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Remembered Today:

596th M.T. Army Service Corps


chrispy49
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I am helping with a project for a small village in Northamptonshire that is recording men connected with the village that died in the Great War. I'm trying to find details of Pte Arthur Coomber M2/104964 596th Motor Transport Company. Army Service Corps.

I know he was killed aboard SS Woodfield on 3 Nov 1915 and commemorated both at Gibraltar and Cranford St John, Northamptonshire.

I've searched the Long Long Trail regarding the various MT companies but it seems to have every number but 596th.

Can any of you more learned colleagues provide me with information regarding the 596th M.T. Coy.

A long shot I know but if anyone has info on Arthur, other than the sinking of the Woodfield, I would be very grateful if you would share it.

Chris.

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Source: Book - Army Service Corps 1902-1918 (by Michael Young, 2000), page 302:

596th Company, ASC

Formed 11 Oct 1915

Disbanded 31 Oct 1921

Theatre / Order of Battle:

Egypt GHQ

Mesopotamia, Army Troops

Bushire Force

Role in First World War:

GHQ Ammunition Company (MT) - took part in relief of Kut al Amara

Division Supply Column (MT)

Detachment with Bushire Force in the Persian Gulf

War Diaries - WO95/5276; WO95/5005; WO95/5010

Mark

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Hi Mark,

Thank you very much for the information and I wonder if you could help me a little more?

Arthur embarked at Avonmouth on SS Woodfield which was transporting petrol to the Dardanells. The first port of call was Gibraltar. Bearing in mind you said the Company was formed in October 1915 should I assume that this might well be their first 'convoy'. Would Arthur, had he not been killed, have been likely to go back and forth between the UK and the theatre of war (driving a petrol tanker)?

I'm fairly new to searching records but I note from his Medal Record Index Card that he was awarded the British War Medal but not the Victory Medal. Also on his card there is no record of his death but has Retd (M43 K.R. 1912) 8163/Adt. Any idea why he didn't get the Victory Medal or the meaning of what is written in the Remarks section. Any help would be appreciated.

Regards,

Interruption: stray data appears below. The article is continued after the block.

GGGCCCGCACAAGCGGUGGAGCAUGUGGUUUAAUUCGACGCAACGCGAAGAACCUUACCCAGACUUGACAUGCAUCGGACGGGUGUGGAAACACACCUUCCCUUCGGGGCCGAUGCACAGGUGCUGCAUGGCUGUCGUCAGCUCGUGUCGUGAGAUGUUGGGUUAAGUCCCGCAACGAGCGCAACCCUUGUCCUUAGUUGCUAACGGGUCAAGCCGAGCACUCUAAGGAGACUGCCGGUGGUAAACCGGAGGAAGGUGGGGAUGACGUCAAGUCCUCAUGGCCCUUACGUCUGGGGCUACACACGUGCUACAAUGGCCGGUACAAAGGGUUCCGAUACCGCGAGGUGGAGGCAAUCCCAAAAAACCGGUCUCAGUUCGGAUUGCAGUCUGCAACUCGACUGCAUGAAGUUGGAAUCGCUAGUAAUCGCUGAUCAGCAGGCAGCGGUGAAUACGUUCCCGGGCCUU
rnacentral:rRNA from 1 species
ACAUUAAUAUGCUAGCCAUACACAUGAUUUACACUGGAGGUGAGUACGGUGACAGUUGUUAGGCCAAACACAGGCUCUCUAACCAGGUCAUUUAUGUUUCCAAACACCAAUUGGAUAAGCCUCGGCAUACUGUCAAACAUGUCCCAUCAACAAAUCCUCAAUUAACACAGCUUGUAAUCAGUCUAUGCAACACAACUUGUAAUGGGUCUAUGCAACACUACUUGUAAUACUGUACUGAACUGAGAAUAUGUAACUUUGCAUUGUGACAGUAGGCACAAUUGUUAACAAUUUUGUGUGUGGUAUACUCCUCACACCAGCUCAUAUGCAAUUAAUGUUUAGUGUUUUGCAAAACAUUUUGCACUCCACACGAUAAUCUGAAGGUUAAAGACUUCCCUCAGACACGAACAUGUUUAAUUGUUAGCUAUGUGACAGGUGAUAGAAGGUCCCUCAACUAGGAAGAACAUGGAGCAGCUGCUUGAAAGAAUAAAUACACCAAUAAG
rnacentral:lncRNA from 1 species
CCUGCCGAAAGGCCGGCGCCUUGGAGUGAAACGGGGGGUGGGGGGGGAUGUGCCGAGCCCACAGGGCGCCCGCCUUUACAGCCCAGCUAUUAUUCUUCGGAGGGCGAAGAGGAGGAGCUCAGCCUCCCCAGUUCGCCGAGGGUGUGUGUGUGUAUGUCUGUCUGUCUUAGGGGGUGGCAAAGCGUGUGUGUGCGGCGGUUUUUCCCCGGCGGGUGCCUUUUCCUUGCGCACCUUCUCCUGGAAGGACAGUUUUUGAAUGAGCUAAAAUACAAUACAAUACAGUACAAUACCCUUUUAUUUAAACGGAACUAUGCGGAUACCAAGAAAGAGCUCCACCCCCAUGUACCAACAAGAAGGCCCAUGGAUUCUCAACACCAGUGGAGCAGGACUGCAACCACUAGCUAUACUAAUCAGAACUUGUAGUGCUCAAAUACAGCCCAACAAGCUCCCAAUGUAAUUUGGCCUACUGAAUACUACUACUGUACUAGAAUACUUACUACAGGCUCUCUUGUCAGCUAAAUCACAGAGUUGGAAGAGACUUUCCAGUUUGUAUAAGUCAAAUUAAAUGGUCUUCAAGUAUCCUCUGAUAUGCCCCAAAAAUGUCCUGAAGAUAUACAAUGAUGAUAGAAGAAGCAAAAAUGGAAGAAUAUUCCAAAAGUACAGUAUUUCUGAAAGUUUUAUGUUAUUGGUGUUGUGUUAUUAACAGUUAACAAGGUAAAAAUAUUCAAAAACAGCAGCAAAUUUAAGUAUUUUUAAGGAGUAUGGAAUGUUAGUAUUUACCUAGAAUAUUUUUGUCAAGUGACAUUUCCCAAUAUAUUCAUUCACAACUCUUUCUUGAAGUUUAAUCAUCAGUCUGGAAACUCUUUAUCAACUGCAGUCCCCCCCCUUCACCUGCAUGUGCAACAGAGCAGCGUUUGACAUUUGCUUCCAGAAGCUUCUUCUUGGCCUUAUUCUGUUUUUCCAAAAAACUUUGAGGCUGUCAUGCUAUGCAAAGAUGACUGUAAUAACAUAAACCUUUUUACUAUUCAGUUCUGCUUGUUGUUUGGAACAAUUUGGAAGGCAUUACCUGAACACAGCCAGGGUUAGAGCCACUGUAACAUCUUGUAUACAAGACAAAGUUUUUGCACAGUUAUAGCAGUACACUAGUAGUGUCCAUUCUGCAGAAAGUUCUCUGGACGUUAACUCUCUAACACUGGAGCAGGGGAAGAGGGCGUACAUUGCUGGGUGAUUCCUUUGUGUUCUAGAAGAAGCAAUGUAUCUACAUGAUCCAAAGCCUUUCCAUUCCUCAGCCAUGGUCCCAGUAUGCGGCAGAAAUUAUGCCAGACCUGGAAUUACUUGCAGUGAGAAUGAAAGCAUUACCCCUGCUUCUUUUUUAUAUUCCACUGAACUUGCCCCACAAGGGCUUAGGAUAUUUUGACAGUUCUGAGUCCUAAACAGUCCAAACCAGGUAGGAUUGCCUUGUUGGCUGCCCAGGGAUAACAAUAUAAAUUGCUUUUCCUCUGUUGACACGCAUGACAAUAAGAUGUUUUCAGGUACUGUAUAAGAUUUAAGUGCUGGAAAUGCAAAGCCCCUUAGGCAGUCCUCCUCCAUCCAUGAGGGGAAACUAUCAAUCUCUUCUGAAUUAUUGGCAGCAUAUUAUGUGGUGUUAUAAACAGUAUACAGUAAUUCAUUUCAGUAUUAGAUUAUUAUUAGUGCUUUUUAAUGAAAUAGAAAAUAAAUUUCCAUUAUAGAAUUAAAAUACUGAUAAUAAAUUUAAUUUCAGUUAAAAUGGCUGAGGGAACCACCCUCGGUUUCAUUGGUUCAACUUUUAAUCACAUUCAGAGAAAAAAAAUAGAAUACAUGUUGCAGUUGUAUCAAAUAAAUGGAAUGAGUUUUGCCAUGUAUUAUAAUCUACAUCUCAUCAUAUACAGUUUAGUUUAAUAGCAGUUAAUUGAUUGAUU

Chris.

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Hej Chris

At this site [ http://www.remembering.org.uk/lost_at_sea.htm ] I came across Pte Reginald Francis Ruck, ASC, who was also killed on SS Woodfield.

His service records are available on Ancestry.

He too was only awarded the British War Medal, as he had not seen any previous service.

To qualify for the Victory Medal (please correct me if I'm wrong) you had to enter a theatre of war, and since he was killed at sea, he had not 'entered' the theatre of war.

Therefore he was not qualified for the Victory Medal.

Steen

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Chris,

It would seem likely that he was with his unit (596th Coy ASC) en route to a posting in Egypt and/or Mesopotamia when he was killed by shellfire on 3/11/15 (source: Medal Roll).

He did not land, so he was entitled to a BWM only - but this medal was returned to the issuers.

The war diary of this company in WO95/5276 covers the period Nov 1915 - May 1916, so may have something on the incident.

The Army Register of Effects (Ancestry) states that his effects and war gratuity were sent to his widow Sarah.

This Arthur Coomber was born in Tunbridge Wells, Kent and lived / enlisted in Sheffield, Yorkshire (source: Soldiers Died in the Great War).

Mark

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WOODFIELD sunk by U12 (Austrian) 40miles ESE of Ceuta (western Med off Morocco). 6 Killed 14 wounded. Survivors 45 British and 9 Arab firemen.Reports state the vessel was in ballast.

The ASC soldiers were likely en route to join a unit in Salonika. There may be more details on a manifest of troops carried in the series WO25 at Kew.

595, 597 and 598 all saw service in Salonika under various titles.

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Thank you all very much for the information you have supplied. The explanation regarding the Victory Medal makes sense but to me seems a bit unfair as I had assumed the Med' was a war zone. After all the ship was sunk and the men killed by enemy action. Still 'rules is rules'. I remember in my Naval career not getting a Borneo Medal because the ship sail out of the zone one day before the end of the qualifying period. Still after 27 months away it was good to get home three days early!

Has anyone got any idea regarding the remarks on the MIC "Retd (M43 K.R. 1912) 8163/Adt".

Mark where did you find that his medal was returned to the issuers?

Regards,

Chris.

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Mark

Adt=the medal wasn't marked correctly so was returned for amendment. I don't know if they skimmed it and re-engraved or did another one.

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Thank you both very much; you've given me everything I need to know. Also thank you for the link on the LLT.

That's the last of the 12 men from the village that died fully recorded. Now to start on the 66 that survived the war...and no doubt more questions.

Best wishes,

Chris.

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